Should an employee be quarantined for more than 14 days, a medical certificate from a medical practitioner must be submitted together with the Continuation Form UI3.

In addition, the normal illness benefits also still apply. This benefit kicks in when an employee has no sick leave left and has been booked of for more than 7 days.

8.3. Death benefits

When someone passes away, their spouse, life partner, children or other ‘nominated persons’ can claim from the UIF.

8.4. How much will they get?

Employees will be able to claim UIF for the difference between their normal pay and that earned during short time and during temporary lay-offs.  The UIF formula of 38-60% of the UIF cap of R14 872 will be applied, and the Employees’ period of contribution to the UIF fund as well as the previous times they claimed from the fund will also be taken into account to determine what they will earn.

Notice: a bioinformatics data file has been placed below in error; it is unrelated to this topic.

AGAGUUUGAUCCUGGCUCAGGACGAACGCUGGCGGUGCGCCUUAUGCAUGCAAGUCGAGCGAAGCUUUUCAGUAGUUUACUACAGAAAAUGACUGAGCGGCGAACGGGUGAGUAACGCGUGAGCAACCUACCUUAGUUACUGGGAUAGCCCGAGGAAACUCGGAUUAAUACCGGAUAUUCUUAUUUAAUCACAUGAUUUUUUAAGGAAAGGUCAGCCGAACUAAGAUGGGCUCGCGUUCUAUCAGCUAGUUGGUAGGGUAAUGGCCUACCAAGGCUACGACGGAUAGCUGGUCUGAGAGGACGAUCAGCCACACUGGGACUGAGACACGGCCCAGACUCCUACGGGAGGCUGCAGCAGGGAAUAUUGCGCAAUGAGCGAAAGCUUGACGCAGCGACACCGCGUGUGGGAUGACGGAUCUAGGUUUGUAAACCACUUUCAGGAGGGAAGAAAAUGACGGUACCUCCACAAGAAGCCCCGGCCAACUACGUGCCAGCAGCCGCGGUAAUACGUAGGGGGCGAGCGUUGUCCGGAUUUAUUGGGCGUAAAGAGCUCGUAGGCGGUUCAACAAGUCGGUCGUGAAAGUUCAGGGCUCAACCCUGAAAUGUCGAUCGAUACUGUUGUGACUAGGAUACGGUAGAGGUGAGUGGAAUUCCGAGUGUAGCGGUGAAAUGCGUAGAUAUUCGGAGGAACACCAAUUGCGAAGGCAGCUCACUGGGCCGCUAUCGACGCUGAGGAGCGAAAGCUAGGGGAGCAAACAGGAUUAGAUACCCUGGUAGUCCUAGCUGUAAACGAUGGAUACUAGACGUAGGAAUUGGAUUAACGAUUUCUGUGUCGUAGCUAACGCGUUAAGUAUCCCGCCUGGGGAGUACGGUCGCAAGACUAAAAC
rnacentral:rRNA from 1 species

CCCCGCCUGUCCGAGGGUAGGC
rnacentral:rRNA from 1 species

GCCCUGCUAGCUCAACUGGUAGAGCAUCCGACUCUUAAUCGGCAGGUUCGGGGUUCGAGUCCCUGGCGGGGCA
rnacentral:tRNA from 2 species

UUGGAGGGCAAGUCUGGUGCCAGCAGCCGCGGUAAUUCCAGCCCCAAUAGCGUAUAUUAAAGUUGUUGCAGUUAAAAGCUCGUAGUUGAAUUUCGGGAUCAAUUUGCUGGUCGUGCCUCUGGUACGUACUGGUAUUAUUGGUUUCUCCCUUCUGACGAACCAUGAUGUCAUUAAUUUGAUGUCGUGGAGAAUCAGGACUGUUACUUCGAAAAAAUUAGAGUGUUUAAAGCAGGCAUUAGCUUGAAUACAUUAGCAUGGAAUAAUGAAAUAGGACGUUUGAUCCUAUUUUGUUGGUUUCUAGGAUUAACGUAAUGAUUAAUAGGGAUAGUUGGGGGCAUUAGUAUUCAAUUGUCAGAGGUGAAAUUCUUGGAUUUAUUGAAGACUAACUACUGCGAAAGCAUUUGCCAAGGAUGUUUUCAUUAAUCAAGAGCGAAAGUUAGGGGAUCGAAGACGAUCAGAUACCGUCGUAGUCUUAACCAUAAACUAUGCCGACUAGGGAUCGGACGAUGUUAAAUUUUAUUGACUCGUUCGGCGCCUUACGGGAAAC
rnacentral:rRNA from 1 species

8.5. How do you claim from the UIF?

Reduced work time (this will include temp lay offs)   • UI19 and UI2.7 (completed by Employer)
• UI 2.1
• UI 2.8 (bank form completed by the bank)
• A letter from the Employer confirming Reduced Work Time is due to the Corona Virus
• Copy of ID document.
Illness benefits   • UI19 and UI2.7 (completed by Employer)
• UI2.2 (a portion of which is completed by the Doctor)
• UI 2.8 (bank form completed by the bank)
• Copy of ID document.
Death benefits   • UI19 and UI 53 (completed by the Employer)
• UI 2.5 or UI2.6
• Death Certificate ID of deceased and applicant
• UI 2.8 (bank form completed by the bank)
• Copy of ID document.

The forms can be downloaded here.

9. What is the national Disaster benefit?